I always thought kale was ridiculously expensive and/or just plain inaccessible in this country but that doesn’t seem to be the case anymore. Two varieties (two!) have been showing up in my supermarket with price tags that aren’t rage-inducing and it makes me so very happy!
I mean, have you heard how good it is for you? It’s basically a nutritional superstar and I’ve been trying to incorporate it into my diet as much as I can. I’m happy to report that it’s been easier than I thought it would be. My lack of acquaintance with this crucifer had me thinking that maybe I had to learn whole new recipes or methods of preparation but I find that it’s really just like any other green leafy vegetable with a slightly tougher texture. I find the flavor fairly neutral (as neutral as plant life can be) with a bit of a sour note. But more as we go along.
So how to enjoy kale. Let’s count the ways. I love making smoothies at home so a green smoothie was not only on the horizon for me, it was the first thing I did with kale using only the leaves and soft stems.
I make green smoothies to taste just like a yummy fruit smoothie so I can’t say this tasted any different, just that it was delicious and even healthier to boot! When using greens though, I like to add more things that will brighten the smoothie so that’s usually extra pineapple and a couple more splashes of orange juice. On an aesthetic level, berries are not a good idea – mine have come out an unappetizing purplish-gray.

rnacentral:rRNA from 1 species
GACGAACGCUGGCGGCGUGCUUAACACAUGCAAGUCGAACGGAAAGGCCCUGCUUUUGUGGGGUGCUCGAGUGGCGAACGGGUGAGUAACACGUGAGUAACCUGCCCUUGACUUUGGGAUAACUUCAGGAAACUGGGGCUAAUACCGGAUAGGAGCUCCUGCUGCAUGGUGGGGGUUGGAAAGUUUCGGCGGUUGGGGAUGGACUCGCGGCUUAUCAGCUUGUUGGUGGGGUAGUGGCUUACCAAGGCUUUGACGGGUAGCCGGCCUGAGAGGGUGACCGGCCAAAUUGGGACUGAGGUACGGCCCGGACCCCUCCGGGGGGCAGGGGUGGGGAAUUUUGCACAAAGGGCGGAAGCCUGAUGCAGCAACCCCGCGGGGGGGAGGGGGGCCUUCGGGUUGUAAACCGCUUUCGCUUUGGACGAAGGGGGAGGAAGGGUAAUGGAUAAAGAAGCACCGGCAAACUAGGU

If you insist on berries, perhaps you can make a smoothie bowl and add them on top. Mine has muesli and chia seeds.
Salads are another way to enjoy kale. I’ve seen preparations online that include marinating and even massaging the kale with the dressing but I didn’t find that necessary with my kale. I just treat it like regular salad greens.
Its tougher texture keeps it sturdier for longer in salads and it even stands up to more aggressive dressings like a spicy gochujang (Korean chili paste) one.
This is a Korean dish of blanched squid and assorted vegetables in a sweet-sour-spicy dressing which would definitely not include kale but why the hell not?
Bibimbap is a well-loved Korean dish that I eat often at home. It seems all fancy when you order it a restaurant with the sizzling hot bowl and everything but I like to make a simple version at home with what I have in the fridge and kale has been such a welcome addition. It’s so easy, too! Just snip, snip, snip.
Up until now, the sturdier stems of kale have been discarded because it’s fibrous and tough to chew. I kind of feel bad about that so I guess I’ll have to work it into heated preparations more. Like this kare-kare (a Filipino stew of oxtail and vegetables in a thick peanut broth).
I made a seafood version using Mama Sita’s kare-kare sauce mix. My love affair with Mama Sita’s, which started with their labuyo sauce, has grown to include many others in their product roster and their kare-kare sauce mix is a new favorite. In case you’re wondering if I’m getting paid to say any of this stuff, I’m not! Although I wouldn’t mind more of this peanut gold in a packet.
I find that kale’s neutral flavor makes it an easy addition to many dishes plus everything it touches becomes more nutritionally dense so this has been a really exciting development in my kitchen. I haven’t run out since I found kale and don’t plan to. To imagine a world without it! Kale me now.
Fun Food Facts: Kale grows well into the winter and actually becomes sweeter after a frost. There’s something poetic about kale. I imagine that its human equivalent is a person with a hardened exterior but a heart of gold. Sniff. Love you, kale.